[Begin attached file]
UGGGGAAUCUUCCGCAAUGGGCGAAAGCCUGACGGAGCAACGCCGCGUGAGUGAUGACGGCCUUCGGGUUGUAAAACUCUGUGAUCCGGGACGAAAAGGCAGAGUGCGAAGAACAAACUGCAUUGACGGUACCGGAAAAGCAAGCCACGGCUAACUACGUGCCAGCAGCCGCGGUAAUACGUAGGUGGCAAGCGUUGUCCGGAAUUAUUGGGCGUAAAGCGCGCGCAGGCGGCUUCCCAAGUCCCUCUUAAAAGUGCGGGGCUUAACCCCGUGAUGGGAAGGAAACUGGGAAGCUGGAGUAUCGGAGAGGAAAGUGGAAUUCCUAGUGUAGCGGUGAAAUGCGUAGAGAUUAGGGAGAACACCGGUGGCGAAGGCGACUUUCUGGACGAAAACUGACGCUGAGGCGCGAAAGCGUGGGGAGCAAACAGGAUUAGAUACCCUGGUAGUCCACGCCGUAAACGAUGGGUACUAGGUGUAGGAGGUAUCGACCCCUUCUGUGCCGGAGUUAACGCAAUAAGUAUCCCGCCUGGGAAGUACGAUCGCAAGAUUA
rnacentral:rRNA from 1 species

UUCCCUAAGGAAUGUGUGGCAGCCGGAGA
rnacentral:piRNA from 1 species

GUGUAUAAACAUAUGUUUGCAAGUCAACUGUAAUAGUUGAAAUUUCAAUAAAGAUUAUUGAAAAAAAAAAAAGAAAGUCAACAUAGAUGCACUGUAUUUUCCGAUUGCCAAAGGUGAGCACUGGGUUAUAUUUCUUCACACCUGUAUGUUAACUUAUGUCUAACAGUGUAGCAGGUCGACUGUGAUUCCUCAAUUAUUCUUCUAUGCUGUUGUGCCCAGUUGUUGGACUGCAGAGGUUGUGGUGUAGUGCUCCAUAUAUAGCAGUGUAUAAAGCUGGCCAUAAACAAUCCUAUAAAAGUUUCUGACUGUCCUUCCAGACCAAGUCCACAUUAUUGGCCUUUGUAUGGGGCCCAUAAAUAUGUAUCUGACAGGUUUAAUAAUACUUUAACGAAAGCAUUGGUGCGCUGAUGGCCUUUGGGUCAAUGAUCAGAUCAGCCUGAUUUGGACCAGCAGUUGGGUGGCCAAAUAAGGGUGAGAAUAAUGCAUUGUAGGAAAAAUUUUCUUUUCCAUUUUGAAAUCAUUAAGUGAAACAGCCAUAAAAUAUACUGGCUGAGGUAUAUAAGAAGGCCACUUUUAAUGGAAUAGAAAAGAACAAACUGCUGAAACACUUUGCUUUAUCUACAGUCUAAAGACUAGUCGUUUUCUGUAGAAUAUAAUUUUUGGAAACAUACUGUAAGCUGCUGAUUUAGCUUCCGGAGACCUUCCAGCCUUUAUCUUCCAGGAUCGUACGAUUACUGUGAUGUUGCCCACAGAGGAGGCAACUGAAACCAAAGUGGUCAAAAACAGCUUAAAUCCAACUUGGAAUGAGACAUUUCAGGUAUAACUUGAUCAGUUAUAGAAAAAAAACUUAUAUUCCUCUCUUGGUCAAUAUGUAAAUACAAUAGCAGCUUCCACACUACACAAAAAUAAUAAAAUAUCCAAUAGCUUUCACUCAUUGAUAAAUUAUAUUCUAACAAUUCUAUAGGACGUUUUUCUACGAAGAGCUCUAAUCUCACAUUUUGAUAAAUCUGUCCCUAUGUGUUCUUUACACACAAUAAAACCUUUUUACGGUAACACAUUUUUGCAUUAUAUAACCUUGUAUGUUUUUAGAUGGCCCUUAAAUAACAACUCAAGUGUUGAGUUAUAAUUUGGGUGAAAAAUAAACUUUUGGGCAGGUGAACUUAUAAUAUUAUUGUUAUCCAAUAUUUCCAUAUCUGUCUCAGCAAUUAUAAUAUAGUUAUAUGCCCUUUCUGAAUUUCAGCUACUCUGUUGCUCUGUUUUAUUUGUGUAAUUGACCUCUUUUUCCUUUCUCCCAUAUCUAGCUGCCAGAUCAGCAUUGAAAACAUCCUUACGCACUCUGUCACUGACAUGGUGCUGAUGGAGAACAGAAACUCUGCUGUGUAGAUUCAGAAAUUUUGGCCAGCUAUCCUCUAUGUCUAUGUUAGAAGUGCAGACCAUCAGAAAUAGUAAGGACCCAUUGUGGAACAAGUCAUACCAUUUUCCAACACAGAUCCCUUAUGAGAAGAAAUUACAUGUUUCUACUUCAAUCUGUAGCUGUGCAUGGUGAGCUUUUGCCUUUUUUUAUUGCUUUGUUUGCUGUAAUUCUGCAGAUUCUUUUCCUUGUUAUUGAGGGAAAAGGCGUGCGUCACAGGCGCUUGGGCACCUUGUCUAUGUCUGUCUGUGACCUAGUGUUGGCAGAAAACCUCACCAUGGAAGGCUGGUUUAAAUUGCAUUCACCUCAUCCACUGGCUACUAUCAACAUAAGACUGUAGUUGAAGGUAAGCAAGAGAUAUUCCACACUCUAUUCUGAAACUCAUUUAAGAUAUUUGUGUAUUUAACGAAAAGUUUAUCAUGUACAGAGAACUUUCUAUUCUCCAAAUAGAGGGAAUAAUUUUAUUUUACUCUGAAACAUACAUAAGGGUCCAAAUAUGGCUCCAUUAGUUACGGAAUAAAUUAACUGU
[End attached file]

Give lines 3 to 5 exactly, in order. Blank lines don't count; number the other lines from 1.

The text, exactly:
UUCCCUAAGGAAUGUGUGGCAGCCGGAGA
rnacentral:piRNA from 1 species

GUGUAUAAACAUAUGUUUGCAAGUCAACUGUAAUAGUUGAAAUUUCAAUAAAGAUUAUUGAAAAAAAAAAAAGAAAGUCAACAUAGAUGCACUGUAUUUUCCGAUUGCCAAAGGUGAGCACUGGGUUAUAUUUCUUCACACCUGUAUGUUAACUUAUGUCUAACAGUGUAGCAGGUCGACUGUGAUUCCUCAAUUAUUCUUCUAUGCUGUUGUGCCCAGUUGUUGGACUGCAGAGGUUGUGGUGUAGUGCUCCAUAUAUAGCAGUGUAUAAAGCUGGCCAUAAACAAUCCUAUAAAAGUUUCUGACUGUCCUUCCAGACCAAGUCCACAUUAUUGGCCUUUGUAUGGGGCCCAUAAAUAUGUAUCUGACAGGUUUAAUAAUACUUUAACGAAAGCAUUGGUGCGCUGAUGGCCUUUGGGUCAAUGAUCAGAUCAGCCUGAUUUGGACCAGCAGUUGGGUGGCCAAAUAAGGGUGAGAAUAAUGCAUUGUAGGAAAAAUUUUCUUUUCCAUUUUGAAAUCAUUAAGUGAAACAGCCAUAAAAUAUACUGGCUGAGGUAUAUAAGAAGGCCACUUUUAAUGGAAUAGAAAAGAACAAACUGCUGAAACACUUUGCUUUAUCUACAGUCUAAAGACUAGUCGUUUUCUGUAGAAUAUAAUUUUUGGAAACAUACUGUAAGCUGCUGAUUUAGCUUCCGGAGACCUUCCAGCCUUUAUCUUCCAGGAUCGUACGAUUACUGUGAUGUUGCCCACAGAGGAGGCAACUGAAACCAAAGUGGUCAAAAACAGCUUAAAUCCAACUUGGAAUGAGACAUUUCAGGUAUAACUUGAUCAGUUAUAGAAAAAAAACUUAUAUUCCUCUCUUGGUCAAUAUGUAAAUACAAUAGCAGCUUCCACACUACACAAAAAUAAUAAAAUAUCCAAUAGCUUUCACUCAUUGAUAAAUUAUAUUCUAACAAUUCUAUAGGACGUUUUUCUACGAAGAGCUCUAAUCUCACAUUUUGAUAAAUCUGUCCCUAUGUGUUCUUUACACACAAUAAAACCUUUUUACGGUAACACAUUUUUGCAUUAUAUAACCUUGUAUGUUUUUAGAUGGCCCUUAAAUAACAACUCAAGUGUUGAGUUAUAAUUUGGGUGAAAAAUAAACUUUUGGGCAGGUGAACUUAUAAUAUUAUUGUUAUCCAAUAUUUCCAUAUCUGUCUCAGCAAUUAUAAUAUAGUUAUAUGCCCUUUCUGAAUUUCAGCUACUCUGUUGCUCUGUUUUAUUUGUGUAAUUGACCUCUUUUUCCUUUCUCCCAUAUCUAGCUGCCAGAUCAGCAUUGAAAACAUCCUUACGCACUCUGUCACUGACAUGGUGCUGAUGGAGAACAGAAACUCUGCUGUGUAGAUUCAGAAAUUUUGGCCAGCUAUCCUCUAUGUCUAUGUUAGAAGUGCAGACCAUCAGAAAUAGUAAGGACCCAUUGUGGAACAAGUCAUACCAUUUUCCAACACAGAUCCCUUAUGAGAAGAAAUUACAUGUUUCUACUUCAAUCUGUAGCUGUGCAUGGUGAGCUUUUGCCUUUUUUUAUUGCUUUGUUUGCUGUAAUUCUGCAGAUUCUUUUCCUUGUUAUUGAGGGAAAAGGCGUGCGUCACAGGCGCUUGGGCACCUUGUCUAUGUCUGUCUGUGACCUAGUGUUGGCAGAAAACCUCACCAUGGAAGGCUGGUUUAAAUUGCAUUCACCUCAUCCACUGGCUACUAUCAACAUAAGACUGUAGUUGAAGGUAAGCAAGAGAUAUUCCACACUCUAUUCUGAAACUCAUUUAAGAUAUUUGUGUAUUUAACGAAAAGUUUAUCAUGUACAGAGAACUUUCUAUUCUCCAAAUAGAGGGAAUAAUUUUAUUUUACUCUGAAACAUACAUAAGGGUCCAAAUAUGGCUCCAUUAGUUACGGAAUAAAUUAACUGU